Standing inconspicuously at the corner of 66th and Telegraph in Oakland, White Horse Inn is allegedly the oldest continuously operating LGBT bar in the US - but you'd never know it if you were just passing by.
I had passed the White Horse countless times while walking down Telegraph before I finally went in for the first time on an inconspicuous Tuesday in April. It didn't look any different from the Town's many dive bars that boast a predominately LGBT clientele. A few pool tables and a warm fireplace lures people in, and a couple DJs per week spinning karaoke tunes paired with cheap drink specials keep them coming back for more. It's a neighborhood joint, attracting locals from both Berkeley and Oakland, and the majority of the crowd is obviously regulars, sitting at the bar and nursing their drinks (makes sense for a Tuesday). There's nothing that prominently displays it as a gay bar, let alone the oldest gay bar in the nation.
Still, anyone who happens to stumble in on a weekday should be aware of the long history of what is seemingly the Bay Area’s chillest gay bar. The first documented records of the White Horse and its clientele date from 1933, the year Prohibition ended. Through the Depression and World War II, the inn served as a refuge for the men and women who worked in the factories in Richmond and Oakland and for sailors who returned from combat and were dropped on Bay Area docks.
Bill Jones, a 72-year-old patron who spent his collegiate summers with his father in Oakland, remembers being terrified of entering the White Horse, but at the same time drawn to its normalcy. “It was like a private club or lounge. There were paintings on the wall, and the bar would have beautiful bouquets of flowers. They played jazz, musical comedy, stuff like that. I remember it as being very warm, friendly, quiet,” he says.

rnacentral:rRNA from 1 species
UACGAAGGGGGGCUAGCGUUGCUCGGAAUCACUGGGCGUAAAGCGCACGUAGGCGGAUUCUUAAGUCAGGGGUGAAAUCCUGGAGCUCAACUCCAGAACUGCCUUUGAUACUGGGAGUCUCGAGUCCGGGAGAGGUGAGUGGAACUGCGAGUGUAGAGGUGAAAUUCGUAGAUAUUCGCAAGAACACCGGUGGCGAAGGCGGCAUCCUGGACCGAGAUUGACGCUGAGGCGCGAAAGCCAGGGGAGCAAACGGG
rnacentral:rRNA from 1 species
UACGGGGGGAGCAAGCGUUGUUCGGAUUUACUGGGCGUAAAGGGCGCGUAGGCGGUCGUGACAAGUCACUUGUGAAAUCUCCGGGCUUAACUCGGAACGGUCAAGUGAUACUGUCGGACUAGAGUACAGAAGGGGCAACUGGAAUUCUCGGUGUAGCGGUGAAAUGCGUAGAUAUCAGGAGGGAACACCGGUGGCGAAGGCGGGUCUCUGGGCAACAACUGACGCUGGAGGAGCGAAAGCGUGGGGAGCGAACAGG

And that is where the White Horse remains truly unique. Despite the turbulence and violence of the Gay Rights Movement that rocked the Bay Area and the nation, police—who would arrest any same sex couple they caught canoodling in other spots—never raided the White Horse Inn. Gay Liberation Front chapters were meeting in Berkeley and San Francisco, and UC Berkeley students were marching down Telegraph during the 1960s and '70s, but except for one minor sit-in, the White Horse remained impermeable to the changing times.
And White Horse patrons preferred the mellow vibes and stiff drinks of the Oakland hideaway to the burgeoning gay scene across the bay. Another long-time patron, Jerry Cerkanowicz confessed, “I was more comfortable [at White Horse]. It didn’t require putting on a show. It didn’t require flirting or putting up with flirting. You didn’t come here to meet people. You came here to sit around and talk to people.”
And what about its status as the oldest gay bar in the nation? Although a LGBT café in New Orleans has also been opened since 1933, the White Horse has remained in the same spot since its inception, making it indeed, the oldest continuously operated gay bar in the nation. And yet, despite it's historical status, it's always been and remains today, just another neighborhood watering hole.
Do you have any special memories of the White Horse Inn? Let us know in the comments.